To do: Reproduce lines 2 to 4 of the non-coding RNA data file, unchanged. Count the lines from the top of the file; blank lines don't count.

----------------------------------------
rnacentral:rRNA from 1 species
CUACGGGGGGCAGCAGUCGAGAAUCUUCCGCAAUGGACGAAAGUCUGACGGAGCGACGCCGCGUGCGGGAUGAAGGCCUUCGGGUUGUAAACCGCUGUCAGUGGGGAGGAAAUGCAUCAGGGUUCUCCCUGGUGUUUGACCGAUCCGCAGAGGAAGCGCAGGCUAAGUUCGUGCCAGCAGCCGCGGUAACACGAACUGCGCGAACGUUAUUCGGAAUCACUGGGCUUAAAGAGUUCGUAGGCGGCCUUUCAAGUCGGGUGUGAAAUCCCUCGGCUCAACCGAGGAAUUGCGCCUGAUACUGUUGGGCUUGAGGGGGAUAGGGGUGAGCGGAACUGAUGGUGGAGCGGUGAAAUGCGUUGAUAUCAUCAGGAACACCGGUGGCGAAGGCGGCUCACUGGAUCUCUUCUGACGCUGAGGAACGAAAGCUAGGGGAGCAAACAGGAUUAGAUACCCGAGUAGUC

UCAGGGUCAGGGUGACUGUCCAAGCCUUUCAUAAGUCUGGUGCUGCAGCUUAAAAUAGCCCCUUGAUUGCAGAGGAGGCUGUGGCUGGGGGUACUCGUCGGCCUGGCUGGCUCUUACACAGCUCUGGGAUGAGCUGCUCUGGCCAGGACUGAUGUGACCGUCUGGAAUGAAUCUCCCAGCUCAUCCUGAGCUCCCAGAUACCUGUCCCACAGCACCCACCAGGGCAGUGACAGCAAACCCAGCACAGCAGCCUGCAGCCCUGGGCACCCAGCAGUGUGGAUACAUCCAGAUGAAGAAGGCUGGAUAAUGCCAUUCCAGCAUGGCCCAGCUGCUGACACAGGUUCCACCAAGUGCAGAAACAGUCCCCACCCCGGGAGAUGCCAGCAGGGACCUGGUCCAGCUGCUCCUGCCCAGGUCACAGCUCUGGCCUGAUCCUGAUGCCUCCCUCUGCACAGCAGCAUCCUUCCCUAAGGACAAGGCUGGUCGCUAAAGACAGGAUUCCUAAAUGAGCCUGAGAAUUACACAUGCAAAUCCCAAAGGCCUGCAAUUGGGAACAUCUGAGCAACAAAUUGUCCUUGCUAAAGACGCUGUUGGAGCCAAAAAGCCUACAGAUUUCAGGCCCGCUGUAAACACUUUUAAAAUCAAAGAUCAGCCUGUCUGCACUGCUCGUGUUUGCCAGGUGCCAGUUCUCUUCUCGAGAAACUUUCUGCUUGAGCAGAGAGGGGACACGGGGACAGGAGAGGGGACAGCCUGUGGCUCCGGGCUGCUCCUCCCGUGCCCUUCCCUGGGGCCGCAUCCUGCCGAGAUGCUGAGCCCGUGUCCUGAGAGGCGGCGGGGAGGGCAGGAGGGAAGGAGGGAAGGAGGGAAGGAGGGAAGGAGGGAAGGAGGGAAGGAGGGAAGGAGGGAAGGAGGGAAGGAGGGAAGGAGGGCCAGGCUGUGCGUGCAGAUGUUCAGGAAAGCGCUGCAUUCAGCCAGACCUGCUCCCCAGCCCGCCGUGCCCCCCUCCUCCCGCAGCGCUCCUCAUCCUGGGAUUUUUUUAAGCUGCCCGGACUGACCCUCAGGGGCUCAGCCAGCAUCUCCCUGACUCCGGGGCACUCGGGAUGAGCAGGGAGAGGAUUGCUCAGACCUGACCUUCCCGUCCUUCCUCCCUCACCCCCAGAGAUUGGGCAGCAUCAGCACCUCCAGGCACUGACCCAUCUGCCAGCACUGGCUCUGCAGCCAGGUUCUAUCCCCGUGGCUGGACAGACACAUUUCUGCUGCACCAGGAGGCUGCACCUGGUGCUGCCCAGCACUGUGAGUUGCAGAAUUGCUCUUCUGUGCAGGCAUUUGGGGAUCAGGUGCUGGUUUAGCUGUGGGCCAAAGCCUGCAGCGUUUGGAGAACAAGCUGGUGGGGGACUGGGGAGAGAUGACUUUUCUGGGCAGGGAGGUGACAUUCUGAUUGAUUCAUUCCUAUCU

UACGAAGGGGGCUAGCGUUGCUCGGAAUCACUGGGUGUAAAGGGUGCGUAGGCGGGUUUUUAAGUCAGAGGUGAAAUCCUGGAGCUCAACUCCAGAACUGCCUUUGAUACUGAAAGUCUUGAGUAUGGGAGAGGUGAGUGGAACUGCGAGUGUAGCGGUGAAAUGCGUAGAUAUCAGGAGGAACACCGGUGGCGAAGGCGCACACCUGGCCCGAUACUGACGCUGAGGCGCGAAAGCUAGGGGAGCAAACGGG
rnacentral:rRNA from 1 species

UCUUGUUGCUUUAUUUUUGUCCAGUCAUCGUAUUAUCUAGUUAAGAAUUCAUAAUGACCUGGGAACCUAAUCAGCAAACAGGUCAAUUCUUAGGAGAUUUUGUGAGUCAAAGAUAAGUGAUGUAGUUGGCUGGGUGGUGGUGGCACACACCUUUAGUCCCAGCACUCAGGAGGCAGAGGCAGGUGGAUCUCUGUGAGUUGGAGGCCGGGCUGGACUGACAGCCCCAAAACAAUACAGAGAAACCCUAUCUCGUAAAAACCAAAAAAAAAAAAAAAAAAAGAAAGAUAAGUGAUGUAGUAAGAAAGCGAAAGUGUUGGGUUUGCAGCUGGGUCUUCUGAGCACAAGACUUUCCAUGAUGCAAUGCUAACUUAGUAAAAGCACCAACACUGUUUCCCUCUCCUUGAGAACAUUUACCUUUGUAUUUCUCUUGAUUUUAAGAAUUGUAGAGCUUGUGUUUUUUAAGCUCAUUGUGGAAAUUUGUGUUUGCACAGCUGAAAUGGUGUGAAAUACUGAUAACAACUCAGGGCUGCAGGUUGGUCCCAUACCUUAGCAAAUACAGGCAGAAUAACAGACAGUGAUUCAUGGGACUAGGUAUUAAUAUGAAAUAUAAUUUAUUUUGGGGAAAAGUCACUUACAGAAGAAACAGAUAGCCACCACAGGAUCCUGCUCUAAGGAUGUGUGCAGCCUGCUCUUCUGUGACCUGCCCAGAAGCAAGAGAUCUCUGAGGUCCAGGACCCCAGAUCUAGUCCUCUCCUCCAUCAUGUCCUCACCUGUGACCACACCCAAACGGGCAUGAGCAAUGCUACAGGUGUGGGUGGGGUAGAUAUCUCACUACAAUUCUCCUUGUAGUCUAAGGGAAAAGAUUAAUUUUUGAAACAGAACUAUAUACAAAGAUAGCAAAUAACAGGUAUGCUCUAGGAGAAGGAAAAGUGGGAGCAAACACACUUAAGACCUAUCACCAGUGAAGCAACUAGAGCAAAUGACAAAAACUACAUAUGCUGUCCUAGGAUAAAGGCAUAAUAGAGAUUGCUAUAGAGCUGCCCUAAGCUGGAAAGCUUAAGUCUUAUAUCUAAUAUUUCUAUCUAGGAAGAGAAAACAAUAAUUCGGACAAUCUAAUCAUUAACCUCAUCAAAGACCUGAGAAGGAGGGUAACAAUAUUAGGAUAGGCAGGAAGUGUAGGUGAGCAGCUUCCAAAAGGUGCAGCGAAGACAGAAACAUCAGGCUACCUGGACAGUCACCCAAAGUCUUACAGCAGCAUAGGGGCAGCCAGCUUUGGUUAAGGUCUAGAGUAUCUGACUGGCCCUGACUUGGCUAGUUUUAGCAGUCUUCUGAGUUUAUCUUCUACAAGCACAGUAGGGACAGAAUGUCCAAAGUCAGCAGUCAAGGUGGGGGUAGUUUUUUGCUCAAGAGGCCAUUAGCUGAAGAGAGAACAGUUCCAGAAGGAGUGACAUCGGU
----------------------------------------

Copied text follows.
CUACGGGGGGCAGCAGUCGAGAAUCUUCCGCAAUGGACGAAAGUCUGACGGAGCGACGCCGCGUGCGGGAUGAAGGCCUUCGGGUUGUAAACCGCUGUCAGUGGGGAGGAAAUGCAUCAGGGUUCUCCCUGGUGUUUGACCGAUCCGCAGAGGAAGCGCAGGCUAAGUUCGUGCCAGCAGCCGCGGUAACACGAACUGCGCGAACGUUAUUCGGAAUCACUGGGCUUAAAGAGUUCGUAGGCGGCCUUUCAAGUCGGGUGUGAAAUCCCUCGGCUCAACCGAGGAAUUGCGCCUGAUACUGUUGGGCUUGAGGGGGAUAGGGGUGAGCGGAACUGAUGGUGGAGCGGUGAAAUGCGUUGAUAUCAUCAGGAACACCGGUGGCGAAGGCGGCUCACUGGAUCUCUUCUGACGCUGAGGAACGAAAGCUAGGGGAGCAAACAGGAUUAGAUACCCGAGUAGUC

UCAGGGUCAGGGUGACUGUCCAAGCCUUUCAUAAGUCUGGUGCUGCAGCUUAAAAUAGCCCCUUGAUUGCAGAGGAGGCUGUGGCUGGGGGUACUCGUCGGCCUGGCUGGCUCUUACACAGCUCUGGGAUGAGCUGCUCUGGCCAGGACUGAUGUGACCGUCUGGAAUGAAUCUCCCAGCUCAUCCUGAGCUCCCAGAUACCUGUCCCACAGCACCCACCAGGGCAGUGACAGCAAACCCAGCACAGCAGCCUGCAGCCCUGGGCACCCAGCAGUGUGGAUACAUCCAGAUGAAGAAGGCUGGAUAAUGCCAUUCCAGCAUGGCCCAGCUGCUGACACAGGUUCCACCAAGUGCAGAAACAGUCCCCACCCCGGGAGAUGCCAGCAGGGACCUGGUCCAGCUGCUCCUGCCCAGGUCACAGCUCUGGCCUGAUCCUGAUGCCUCCCUCUGCACAGCAGCAUCCUUCCCUAAGGACAAGGCUGGUCGCUAAAGACAGGAUUCCUAAAUGAGCCUGAGAAUUACACAUGCAAAUCCCAAAGGCCUGCAAUUGGGAACAUCUGAGCAACAAAUUGUCCUUGCUAAAGACGCUGUUGGAGCCAAAAAGCCUACAGAUUUCAGGCCCGCUGUAAACACUUUUAAAAUCAAAGAUCAGCCUGUCUGCACUGCUCGUGUUUGCCAGGUGCCAGUUCUCUUCUCGAGAAACUUUCUGCUUGAGCAGAGAGGGGACACGGGGACAGGAGAGGGGACAGCCUGUGGCUCCGGGCUGCUCCUCCCGUGCCCUUCCCUGGGGCCGCAUCCUGCCGAGAUGCUGAGCCCGUGUCCUGAGAGGCGGCGGGGAGGGCAGGAGGGAAGGAGGGAAGGAGGGAAGGAGGGAAGGAGGGAAGGAGGGAAGGAGGGAAGGAGGGAAGGAGGGAAGGAGGGAAGGAGGGCCAGGCUGUGCGUGCAGAUGUUCAGGAAAGCGCUGCAUUCAGCCAGACCUGCUCCCCAGCCCGCCGUGCCCCCCUCCUCCCGCAGCGCUCCUCAUCCUGGGAUUUUUUUAAGCUGCCCGGACUGACCCUCAGGGGCUCAGCCAGCAUCUCCCUGACUCCGGGGCACUCGGGAUGAGCAGGGAGAGGAUUGCUCAGACCUGACCUUCCCGUCCUUCCUCCCUCACCCCCAGAGAUUGGGCAGCAUCAGCACCUCCAGGCACUGACCCAUCUGCCAGCACUGGCUCUGCAGCCAGGUUCUAUCCCCGUGGCUGGACAGACACAUUUCUGCUGCACCAGGAGGCUGCACCUGGUGCUGCCCAGCACUGUGAGUUGCAGAAUUGCUCUUCUGUGCAGGCAUUUGGGGAUCAGGUGCUGGUUUAGCUGUGGGCCAAAGCCUGCAGCGUUUGGAGAACAAGCUGGUGGGGGACUGGGGAGAGAUGACUUUUCUGGGCAGGGAGGUGACAUUCUGAUUGAUUCAUUCCUAUCU

UACGAAGGGGGCUAGCGUUGCUCGGAAUCACUGGGUGUAAAGGGUGCGUAGGCGGGUUUUUAAGUCAGAGGUGAAAUCCUGGAGCUCAACUCCAGAACUGCCUUUGAUACUGAAAGUCUUGAGUAUGGGAGAGGUGAGUGGAACUGCGAGUGUAGCGGUGAAAUGCGUAGAUAUCAGGAGGAACACCGGUGGCGAAGGCGCACACCUGGCCCGAUACUGACGCUGAGGCGCGAAAGCUAGGGGAGCAAACGGG